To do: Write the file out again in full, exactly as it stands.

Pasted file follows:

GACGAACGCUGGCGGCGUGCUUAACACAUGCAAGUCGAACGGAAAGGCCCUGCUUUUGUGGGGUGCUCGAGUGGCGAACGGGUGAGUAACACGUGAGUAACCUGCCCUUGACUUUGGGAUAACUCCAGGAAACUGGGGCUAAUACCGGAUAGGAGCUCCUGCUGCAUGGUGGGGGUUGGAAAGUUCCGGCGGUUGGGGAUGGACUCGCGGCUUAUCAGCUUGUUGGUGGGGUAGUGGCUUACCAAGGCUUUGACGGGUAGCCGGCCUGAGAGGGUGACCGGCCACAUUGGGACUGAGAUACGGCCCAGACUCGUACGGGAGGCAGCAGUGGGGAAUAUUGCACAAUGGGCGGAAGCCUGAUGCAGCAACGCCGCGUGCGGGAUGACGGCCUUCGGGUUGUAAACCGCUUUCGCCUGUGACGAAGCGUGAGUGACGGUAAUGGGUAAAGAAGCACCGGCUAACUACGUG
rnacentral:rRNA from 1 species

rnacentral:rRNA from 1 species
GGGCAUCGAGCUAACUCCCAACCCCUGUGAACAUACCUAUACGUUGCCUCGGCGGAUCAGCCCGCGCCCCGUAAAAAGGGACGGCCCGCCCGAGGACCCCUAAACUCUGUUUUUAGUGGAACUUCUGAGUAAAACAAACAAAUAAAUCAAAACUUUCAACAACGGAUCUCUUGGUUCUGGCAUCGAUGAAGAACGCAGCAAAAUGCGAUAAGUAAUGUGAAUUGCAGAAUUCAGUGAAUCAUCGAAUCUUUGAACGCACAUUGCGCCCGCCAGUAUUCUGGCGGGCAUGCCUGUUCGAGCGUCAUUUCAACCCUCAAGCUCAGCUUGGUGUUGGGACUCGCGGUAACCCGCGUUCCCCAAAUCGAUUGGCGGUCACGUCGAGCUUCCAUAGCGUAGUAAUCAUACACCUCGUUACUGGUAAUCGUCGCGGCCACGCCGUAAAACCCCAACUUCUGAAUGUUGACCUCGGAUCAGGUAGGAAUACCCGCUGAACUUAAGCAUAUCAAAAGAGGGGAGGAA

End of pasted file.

GACGAACGCUGGCGGCGUGCUUAACACAUGCAAGUCGAACGGAAAGGCCCUGCUUUUGUGGGGUGCUCGAGUGGCGAACGGGUGAGUAACACGUGAGUAACCUGCCCUUGACUUUGGGAUAACUCCAGGAAACUGGGGCUAAUACCGGAUAGGAGCUCCUGCUGCAUGGUGGGGGUUGGAAAGUUCCGGCGGUUGGGGAUGGACUCGCGGCUUAUCAGCUUGUUGGUGGGGUAGUGGCUUACCAAGGCUUUGACGGGUAGCCGGCCUGAGAGGGUGACCGGCCACAUUGGGACUGAGAUACGGCCCAGACUCGUACGGGAGGCAGCAGUGGGGAAUAUUGCACAAUGGGCGGAAGCCUGAUGCAGCAACGCCGCGUGCGGGAUGACGGCCUUCGGGUUGUAAACCGCUUUCGCCUGUGACGAAGCGUGAGUGACGGUAAUGGGUAAAGAAGCACCGGCUAACUACGUG
rnacentral:rRNA from 1 species

rnacentral:rRNA from 1 species
GGGCAUCGAGCUAACUCCCAACCCCUGUGAACAUACCUAUACGUUGCCUCGGCGGAUCAGCCCGCGCCCCGUAAAAAGGGACGGCCCGCCCGAGGACCCCUAAACUCUGUUUUUAGUGGAACUUCUGAGUAAAACAAACAAAUAAAUCAAAACUUUCAACAACGGAUCUCUUGGUUCUGGCAUCGAUGAAGAACGCAGCAAAAUGCGAUAAGUAAUGUGAAUUGCAGAAUUCAGUGAAUCAUCGAAUCUUUGAACGCACAUUGCGCCCGCCAGUAUUCUGGCGGGCAUGCCUGUUCGAGCGUCAUUUCAACCCUCAAGCUCAGCUUGGUGUUGGGACUCGCGGUAACCCGCGUUCCCCAAAUCGAUUGGCGGUCACGUCGAGCUUCCAUAGCGUAGUAAUCAUACACCUCGUUACUGGUAAUCGUCGCGGCCACGCCGUAAAACCCCAACUUCUGAAUGUUGACCUCGGAUCAGGUAGGAAUACCCGCUGAACUUAAGCAUAUCAAAAGAGGGGAGGAA